Honda CBR 600RR Forum banner

1 - 19 of 19 Posts

·
Registered
Joined
·
19 Posts
Discussion Starter #1
Hello everyone,

I started riding this season on a beaten-up Kawi EX250-H. I am very thankful I started small because first few days after the MSF course I was making all sorts of small errors like turning wide into oncoming traffic, over-reving on downshifts, etc... I've now ridden a 1000 km's. I know this means I'm still a massive noob, but now that I have my shifting dialed in and am using most of the rubber on my skinny tire, I'm starting to feel the itch to upgrade.

Obviously, I would love to get something like a used CBR 600rr, but the way they are described on web forums, I guess that would be a death sentence(?). Would an F4I be a better option for someone in my position? I spend most of my time putting around twisty side roads out of the city, which I think may have helped me learn some of the cornering and throttle control basics quicker than if I was piling on freeway miles (I've only been on the freeway 3 times, and just briefly at that).

A common recommendation I see is an SV650 since the suspension can be modified and whatnot. The reason I haven't jumped on that idea is the high price and low supply compared equivalent year/mileage 600s. Then to start modifying the suspension would take time and money that seems unreasonable from my uneducated perspective (this may make perfect sense to someone who knows better than I).

Do any of you experienced riders have tips of things to work on, or signs that my riding may have progressed to the point where I could handle an aggressive 600? I'm not necessarily looking for the speed, but rather the tight handling, modern technology, and awesome looks/sound of the bigger bikes. Also, I plan to take a beginner track school as soon as I can, but am concerned about the grip from my current tires and that parts keep breaking on my current ride. But I digress...

I know questions like this are stale on here, but without being able to test ride bikes at dealerships, I'm at the mercy of your informed opinions for deciding where to go from here. Applogies for being so long winded on my second post :book1:
 

·
Registered
Joined
·
554 Posts
600RR should be fine. I had an EX250 until I crashed it (not my fault). the bottom line is, know what youre doing.
 

·
Registered
Joined
·
1,273 Posts
My wife just bought an '04 Ninja 250, other than having an incredibly short first gear and kinda bogging a bit on steep hills it's a pretty nice bike.

The more seat time you have the better but if you think you're ready for a RR go for it. You just need to be aware of your limits and treat the bike with some caution as you get used to things. I will say this, it's soooo much smoother riding the RR vs the 250, the thing shifts, handles, accelerates and just rides better. Really though you'd expect nothing less from the additional $10k tag and the millions of dollars of race winning engineering Honda has put into it.
 

·
Registered
Joined
·
113 Posts
bout to upgrade from a 250 rebel to a cbr...ahh...i would definitly recomend it over the 250 ninja...drove one and wasnt very impressed
 

·
Registered
Joined
·
572 Posts
a 600rr is very very responsive as well as an f4i. i own both and the main difference between the two is the rr sits a little higher and closer to the handlebars the rearsets on the rr are a little higher and farther back there is a difference in power but if u can ride a f4i then you can ride a rr. on the rr yu feel like you are sitting more on top of the bike. both are great bikes bu i most def prefer my rr over any other machine. hope this helps a little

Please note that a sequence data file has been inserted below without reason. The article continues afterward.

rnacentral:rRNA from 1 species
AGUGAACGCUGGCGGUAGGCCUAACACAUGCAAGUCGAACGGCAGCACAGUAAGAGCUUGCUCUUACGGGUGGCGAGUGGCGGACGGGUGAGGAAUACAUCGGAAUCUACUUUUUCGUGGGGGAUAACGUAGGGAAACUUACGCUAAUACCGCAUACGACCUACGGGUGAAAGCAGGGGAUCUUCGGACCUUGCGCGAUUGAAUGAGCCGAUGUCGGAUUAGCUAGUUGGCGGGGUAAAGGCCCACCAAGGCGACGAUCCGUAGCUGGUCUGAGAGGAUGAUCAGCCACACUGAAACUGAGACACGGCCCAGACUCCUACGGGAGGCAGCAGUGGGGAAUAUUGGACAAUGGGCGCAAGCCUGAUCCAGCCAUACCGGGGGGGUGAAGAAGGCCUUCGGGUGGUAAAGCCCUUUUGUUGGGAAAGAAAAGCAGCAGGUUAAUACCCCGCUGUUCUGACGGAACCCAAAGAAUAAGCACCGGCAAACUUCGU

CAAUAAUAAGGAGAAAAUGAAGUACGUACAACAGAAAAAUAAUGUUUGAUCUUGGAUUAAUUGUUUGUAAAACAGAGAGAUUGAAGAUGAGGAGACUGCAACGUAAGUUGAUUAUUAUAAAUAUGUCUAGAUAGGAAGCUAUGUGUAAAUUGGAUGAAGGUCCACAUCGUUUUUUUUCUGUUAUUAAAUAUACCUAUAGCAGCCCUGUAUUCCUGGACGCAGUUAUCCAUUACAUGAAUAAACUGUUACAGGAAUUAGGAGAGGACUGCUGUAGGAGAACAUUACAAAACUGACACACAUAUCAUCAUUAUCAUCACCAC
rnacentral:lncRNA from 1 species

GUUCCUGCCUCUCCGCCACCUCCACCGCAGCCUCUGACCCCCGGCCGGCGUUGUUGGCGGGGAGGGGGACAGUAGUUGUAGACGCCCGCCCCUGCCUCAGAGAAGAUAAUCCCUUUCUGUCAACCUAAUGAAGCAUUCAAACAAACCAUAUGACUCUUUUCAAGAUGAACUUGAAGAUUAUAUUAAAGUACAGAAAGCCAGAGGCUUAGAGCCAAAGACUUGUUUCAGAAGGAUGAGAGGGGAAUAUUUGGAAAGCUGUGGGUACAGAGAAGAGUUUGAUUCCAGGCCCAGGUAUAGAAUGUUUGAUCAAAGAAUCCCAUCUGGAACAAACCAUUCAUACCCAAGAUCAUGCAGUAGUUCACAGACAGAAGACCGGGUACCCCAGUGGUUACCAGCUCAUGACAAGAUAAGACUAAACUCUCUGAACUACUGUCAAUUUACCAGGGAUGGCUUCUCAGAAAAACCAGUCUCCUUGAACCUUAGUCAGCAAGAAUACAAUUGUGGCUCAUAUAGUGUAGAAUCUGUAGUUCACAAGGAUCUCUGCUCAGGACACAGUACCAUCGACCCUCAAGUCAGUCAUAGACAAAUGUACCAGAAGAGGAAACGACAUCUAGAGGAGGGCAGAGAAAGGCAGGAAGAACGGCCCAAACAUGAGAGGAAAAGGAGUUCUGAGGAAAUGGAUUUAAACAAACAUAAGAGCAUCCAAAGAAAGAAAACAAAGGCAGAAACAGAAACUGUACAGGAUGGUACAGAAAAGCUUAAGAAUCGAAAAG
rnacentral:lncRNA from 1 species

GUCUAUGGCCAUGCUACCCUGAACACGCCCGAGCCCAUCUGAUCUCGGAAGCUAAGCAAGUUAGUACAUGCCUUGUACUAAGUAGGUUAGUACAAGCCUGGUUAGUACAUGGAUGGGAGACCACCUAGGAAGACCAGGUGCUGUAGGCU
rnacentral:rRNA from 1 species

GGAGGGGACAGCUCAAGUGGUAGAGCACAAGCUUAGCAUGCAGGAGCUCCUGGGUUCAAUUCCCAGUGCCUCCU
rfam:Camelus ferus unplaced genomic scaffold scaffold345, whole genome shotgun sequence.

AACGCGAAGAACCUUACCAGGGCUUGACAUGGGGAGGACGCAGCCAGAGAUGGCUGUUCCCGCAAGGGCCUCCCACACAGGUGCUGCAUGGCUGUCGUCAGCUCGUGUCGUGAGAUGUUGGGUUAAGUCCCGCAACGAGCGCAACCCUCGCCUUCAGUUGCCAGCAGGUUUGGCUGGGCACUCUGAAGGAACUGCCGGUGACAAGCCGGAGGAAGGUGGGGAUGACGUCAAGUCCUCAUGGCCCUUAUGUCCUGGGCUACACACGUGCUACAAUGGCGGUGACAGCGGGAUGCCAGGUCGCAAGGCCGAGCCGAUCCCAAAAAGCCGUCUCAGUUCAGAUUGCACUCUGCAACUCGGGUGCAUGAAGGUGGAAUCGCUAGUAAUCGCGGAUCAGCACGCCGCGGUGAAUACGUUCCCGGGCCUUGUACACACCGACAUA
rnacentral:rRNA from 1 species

·
Registered
Joined
·
227 Posts
Wait a year so you can sell your 250 at the beginning of next riding season. That way you can get more seat time on a more forgiving bike and will be able to sell the 250 at the opportune time.
 

·
Registered
Joined
·
5,537 Posts
Hey John, firstly, kudos for posting here and asking for advice.

Its difficult to judge if you are ready to make the jump up to a 600 from your current ride. Everyone is different, ability wise and maturity (no offense when I say that, I was completely not ready to get on to a 600 when I did and I almost crashed twice HUGE because of it). I am though a bit leery of you only being on a bike for a 1000KMS before making the leap.

All the modern 600's are very very fast and will get you into a heck of a lot of trouble before you know it. The f4i you mention is only two generations old and will put you in the ditch in a heartbeat.

I'd recommend more seat time before making the jump. Learn the basics, get VERY comfortable with all aspects of your current bike. Ride, ride and ride some more.

When I used to ride street, I would do 1000kms in two days!

Best of luck and whichever way you go, stay on the board and read and post. There are a ton of great people here who will be glad to help out.

Stay safe.
 

·
Registered
Joined
·
2,295 Posts
I can't really answer the question about is it too much for you to get a 600cc bike. My first bike and current bike is a 600cc bike. It's an 03' 600rr and I love it. Now you are looking for an f4i and/or interested in one. Now from reading other articles and personally riding one. The f4i and earlier model 600rr's are almost similar in tuning. The only difference IMO is the seating position. The handelbars on the f4i are higher so it would be more comfortable as for the 600rr the handlebars are a bit lower. I honestly can say there is no problem with my 600rr I love the riding position and my hands/ legs don't cramp up or hurt after long rides day after day. Hope this helps. Good luck with your decision though.

Ride safe,
Ian
 

·
Registered
Joined
·
19 Posts
Discussion Starter #10
Thank you all for all the great information!

BWRX (Brian): That's good thinking. I was originally (before posting) planning on waiting for a good deal on a 600 this fall, then keeping both bikes through the winter, and selling the 250 in the new season after having a little warm-up on it. For some reason my insurance premiums are very low, so that wouldn't really add to the cost.

Thanks again, everyone! I'll keep checking back here for more opinions. Hopefully I'll learn enough to contribute to the forum, eventually. :icon_stud
 

·
Registered
Joined
·
783 Posts